This magnificent family has many admirers among entomologists and entomophiles. These admirers are attracted to the bright colors, bold patterns, variety of shapes, and to the astounding mimicry of honey bees, bumble bees, mason bees, and wasps.
Oddly enough for a family with so many human admirers, Syrphidae doesn’t have a generally accepted common name, and in fact the family is quite often referred to by the shortened version of its scientific name, Syrphid flies. Others prefer the name Flower Flies, for the adults’ favorite food source, or Hover Flies, in admiration of the family’s specialized flying abilities. Some bee-mimic species, especially Eristalis tenax, go by the common name Drone Flies.
This is one of those families that can be difficult to characterize—some Syrphids are large while others are small, some are slender while others are plump, some have clear wings while the wings of others are spotted or dark. There is, however, one key trait of the family Syrphidae, and that is the presence in nearly all Syrphid wings of a “spurious vein.” Another trait shared by the syrphid wings is a closed R5 cell. Yet another is a long anal cell that is closed near the rear wing margin (Borror and White, 1970).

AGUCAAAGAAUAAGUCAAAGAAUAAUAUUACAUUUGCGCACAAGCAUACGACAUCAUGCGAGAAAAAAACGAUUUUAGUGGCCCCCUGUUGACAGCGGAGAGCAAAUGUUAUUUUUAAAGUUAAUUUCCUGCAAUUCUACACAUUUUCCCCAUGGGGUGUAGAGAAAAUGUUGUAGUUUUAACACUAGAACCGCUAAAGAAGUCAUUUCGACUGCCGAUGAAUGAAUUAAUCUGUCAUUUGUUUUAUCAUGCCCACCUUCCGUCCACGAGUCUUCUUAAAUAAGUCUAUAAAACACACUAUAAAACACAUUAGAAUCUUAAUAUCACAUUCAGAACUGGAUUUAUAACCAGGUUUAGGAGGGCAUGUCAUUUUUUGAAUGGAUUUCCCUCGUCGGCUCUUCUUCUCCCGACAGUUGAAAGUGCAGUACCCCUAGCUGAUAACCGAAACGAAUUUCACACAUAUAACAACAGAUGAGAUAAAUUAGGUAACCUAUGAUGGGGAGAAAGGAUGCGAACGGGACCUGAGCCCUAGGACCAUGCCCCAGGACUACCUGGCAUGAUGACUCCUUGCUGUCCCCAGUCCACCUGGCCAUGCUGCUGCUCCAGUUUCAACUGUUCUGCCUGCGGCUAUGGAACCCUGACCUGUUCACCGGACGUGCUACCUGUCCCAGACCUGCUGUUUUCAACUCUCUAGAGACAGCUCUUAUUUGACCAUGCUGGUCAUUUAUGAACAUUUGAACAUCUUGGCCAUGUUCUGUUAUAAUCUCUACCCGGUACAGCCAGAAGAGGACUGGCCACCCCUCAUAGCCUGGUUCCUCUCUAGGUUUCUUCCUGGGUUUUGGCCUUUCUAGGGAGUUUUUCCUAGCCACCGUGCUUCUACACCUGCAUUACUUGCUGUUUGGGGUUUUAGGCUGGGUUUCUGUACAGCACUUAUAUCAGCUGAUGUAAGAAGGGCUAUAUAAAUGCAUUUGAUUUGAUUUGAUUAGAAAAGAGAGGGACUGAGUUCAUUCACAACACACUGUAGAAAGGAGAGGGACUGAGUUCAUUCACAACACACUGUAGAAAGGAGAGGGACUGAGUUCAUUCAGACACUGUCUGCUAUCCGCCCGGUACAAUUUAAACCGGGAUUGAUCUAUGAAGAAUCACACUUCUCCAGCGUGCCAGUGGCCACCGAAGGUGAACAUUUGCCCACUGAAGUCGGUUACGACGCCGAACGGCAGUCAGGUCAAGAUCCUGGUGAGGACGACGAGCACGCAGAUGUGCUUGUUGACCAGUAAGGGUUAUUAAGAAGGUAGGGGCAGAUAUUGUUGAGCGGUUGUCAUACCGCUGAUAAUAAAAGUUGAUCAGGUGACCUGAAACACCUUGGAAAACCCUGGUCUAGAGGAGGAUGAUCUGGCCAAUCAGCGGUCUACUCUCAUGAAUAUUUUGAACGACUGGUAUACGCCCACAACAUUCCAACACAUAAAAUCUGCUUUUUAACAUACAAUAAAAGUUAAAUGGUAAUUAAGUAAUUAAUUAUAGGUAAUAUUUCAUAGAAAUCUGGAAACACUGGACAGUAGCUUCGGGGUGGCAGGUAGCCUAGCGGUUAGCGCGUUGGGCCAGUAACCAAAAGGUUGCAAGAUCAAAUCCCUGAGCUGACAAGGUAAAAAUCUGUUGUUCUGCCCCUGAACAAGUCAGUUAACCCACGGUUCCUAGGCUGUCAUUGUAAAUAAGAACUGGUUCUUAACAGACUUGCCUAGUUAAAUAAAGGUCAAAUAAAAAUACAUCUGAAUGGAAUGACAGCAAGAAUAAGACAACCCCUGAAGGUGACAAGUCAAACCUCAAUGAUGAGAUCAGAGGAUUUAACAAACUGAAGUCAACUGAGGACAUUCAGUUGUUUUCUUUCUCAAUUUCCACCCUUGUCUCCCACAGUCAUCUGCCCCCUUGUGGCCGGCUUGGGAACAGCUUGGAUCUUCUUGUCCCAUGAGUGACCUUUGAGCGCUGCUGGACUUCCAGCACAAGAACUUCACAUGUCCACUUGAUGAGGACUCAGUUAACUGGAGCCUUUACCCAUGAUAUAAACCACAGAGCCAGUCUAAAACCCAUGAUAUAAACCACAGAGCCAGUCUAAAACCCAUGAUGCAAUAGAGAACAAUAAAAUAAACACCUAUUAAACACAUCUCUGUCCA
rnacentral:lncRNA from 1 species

In some cases larval Syrphids feed exclusively on aphids. The larvae of other species live only in ant nests. In genus Cheilosia the larvae dine on fungi or other plants, in Copestylum the preferred food source is often cacti, while Syritta and Rhingia larvae often develop in dung. In tribe Eristalini the larvae are aquatic (Vockeroth and Thompson, in McAlpine, 1987).
Adults feed on flowers, consuming nectar for energy and pollen for the nutrients required for manufacturing ova and sperm. Syrphid Flies’ exposed position on flower heads may be what has led so many of these species to evolve into mimics of creatures with stings.
Favored plants of Syrphids include Umbellifers like Queen Anne’s Lace, flowers that have short corollas. Syrphids also have a preference for flowers that are yellow or white.